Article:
The selling point for Heat was simple, yet significant. Al Pacino and Robert De Niro were in the same movie. Two iconic actors considered among the very best in the profession dating back to the 1970s, yet had never been in a film together.
Nowadays, casting Pacino and De Niro would be notable, but more of a gimmick. As celebrated as the two are, their best work is behind them. De Niro has kind of settled into grandfatherly, more comedic roles. Movies like Analyze This and Meet the Parents have practically defined the later stage of his career. Pacino is practically a caricature whose most interesting recent work has been in HBO biopics (as Jack Kevorkian and Phil Spector).
But in 1995, Pacino and De Niro starring in a project required material that rose to the occasion. A crime epic written by Michael Mann — who mythologized cops and criminals in early work such as Thief, Miami Vice and Manhunter — featuring a detective and thief matching wits and finding kindred spirits certainly seemed worthy of those actors’ talents and reputations. (The deep cast also included Val Kilmer, Tom Sizemore, William Fichtner and Amy Brennaman, along with an adolescent Natalie Portman.)
During the past 20 years, I’m not certain another crime thriller has reached the level established by Heat. Maybe 2008’s The Dark Knight, despite its superhero trappings. Yet a Batman movie doesn’t lend itself to the sort of character study that Mann created. He goes deep with his two leads, exploring their personal lives, motivations and ambitions. Which of the two is the protagonist or antagonist depends on who you find more compelling or sympathetic. That’s the beauty of Mann’s story. He gives equal time to his two main characters, not showing any preference to one over the other. Most movies would glorify the villain or linger on the obsessiveness of the cop trying to catch him.
Pacino’s Vincent Hanna is a relentless robbery-homicide detective whose only real interest is the next criminal he’s chasing. He has no real interest in being at home, other than to feed his basic human needs. Even then, his mind is elsewhere, thinking about crime scenes, victims and how to catch the bad guys. As you’d expect, his marriage (which is his third) is falling apart because of that. His wife, Justine (Diane Venora), chides him for never being present even when he’s physically there.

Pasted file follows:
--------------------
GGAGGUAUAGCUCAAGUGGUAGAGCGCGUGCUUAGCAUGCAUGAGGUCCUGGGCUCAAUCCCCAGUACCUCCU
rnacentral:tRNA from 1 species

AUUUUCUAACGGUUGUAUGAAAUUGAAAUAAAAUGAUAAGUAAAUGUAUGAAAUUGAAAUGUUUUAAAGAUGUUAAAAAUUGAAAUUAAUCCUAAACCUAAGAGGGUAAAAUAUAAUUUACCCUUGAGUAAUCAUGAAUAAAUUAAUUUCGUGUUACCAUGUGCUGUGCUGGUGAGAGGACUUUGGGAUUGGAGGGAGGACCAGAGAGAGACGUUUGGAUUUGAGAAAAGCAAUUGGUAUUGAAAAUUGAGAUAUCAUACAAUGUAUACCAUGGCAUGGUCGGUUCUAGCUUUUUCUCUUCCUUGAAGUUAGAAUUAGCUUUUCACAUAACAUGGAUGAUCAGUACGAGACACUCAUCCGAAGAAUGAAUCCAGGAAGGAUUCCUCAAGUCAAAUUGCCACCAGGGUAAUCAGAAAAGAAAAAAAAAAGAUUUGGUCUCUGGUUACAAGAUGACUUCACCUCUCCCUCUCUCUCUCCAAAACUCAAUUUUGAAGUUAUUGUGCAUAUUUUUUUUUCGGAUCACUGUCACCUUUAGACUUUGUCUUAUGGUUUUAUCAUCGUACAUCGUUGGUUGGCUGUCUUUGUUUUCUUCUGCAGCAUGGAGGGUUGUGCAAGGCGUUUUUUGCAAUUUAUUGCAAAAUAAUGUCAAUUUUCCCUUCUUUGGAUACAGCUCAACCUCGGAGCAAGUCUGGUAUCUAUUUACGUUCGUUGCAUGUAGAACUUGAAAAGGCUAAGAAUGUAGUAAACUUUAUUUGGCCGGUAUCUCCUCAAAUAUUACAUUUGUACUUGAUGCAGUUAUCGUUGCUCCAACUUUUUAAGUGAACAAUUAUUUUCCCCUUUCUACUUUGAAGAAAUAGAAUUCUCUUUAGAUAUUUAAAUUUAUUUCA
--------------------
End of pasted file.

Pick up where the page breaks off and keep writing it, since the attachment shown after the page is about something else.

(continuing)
But as Vincent says later in the film, he can’t leave that stuff at the office and forget about when he gets home. He has to hang on to how those victims and crimes make him feel to maintain his edge as a cop. While that makes Hanna compelling and certainly explains the manic energy of Pacino’s performance, it also gets to the heart of what Mann seemingly wants to portray here. These are not normal people. Normal people couldn’t possibly do this and be any good at their jobs. Any attempt to force them into a routine existence is courting failure. And those who try end up either heartbroken, damaged or maybe even dead.
Obviously, that applies to De Niro’s Neil McCauley as well. You might expect that from him, since he’s a thief and ex-con. Yet throughout the movie, McCauley appears to be the refined one. He dresses well, is immaculately groomed, and enjoys hanging out in bookstores (even if he’s doing research for his next score). He’s quiet, which makes sense, because he doesn’t want to be noticed. And as he makes clear in the line that defines the movie, McCauley doesn’t want to be attached to anything that he can’t leave behind. That would slow him down and get him caught.
“Don’t let yourself get attached to anything you are not willing to walk out on in 30 seconds flat,” McCauley says to two different characters during the film, “if you feel the heat around the corner.”
One of the people McCauley utters this line to is Hanna during arguably Heat‘s most memorable scene, essentially the only one that Pacino and De Niro are in together. This is what people presumably paid their money to see, and thanks to the actors and Mann’s dialogue, the moment does not disappoint.
The premise of the scene is almost absurd. The cop invites the criminal out for a cup of coffee to talk. But Hanna and McCauley have reached a point of deep mutual admiration, each trying to outsmart the other, respectively thwarting elaborate schemes to either pull off a heist or surveillance operation. The two are essentially at a stalemate, viewing each other from afar, which is presumably why Hanna invites McCauley out for coffee. He wants to size this guy up.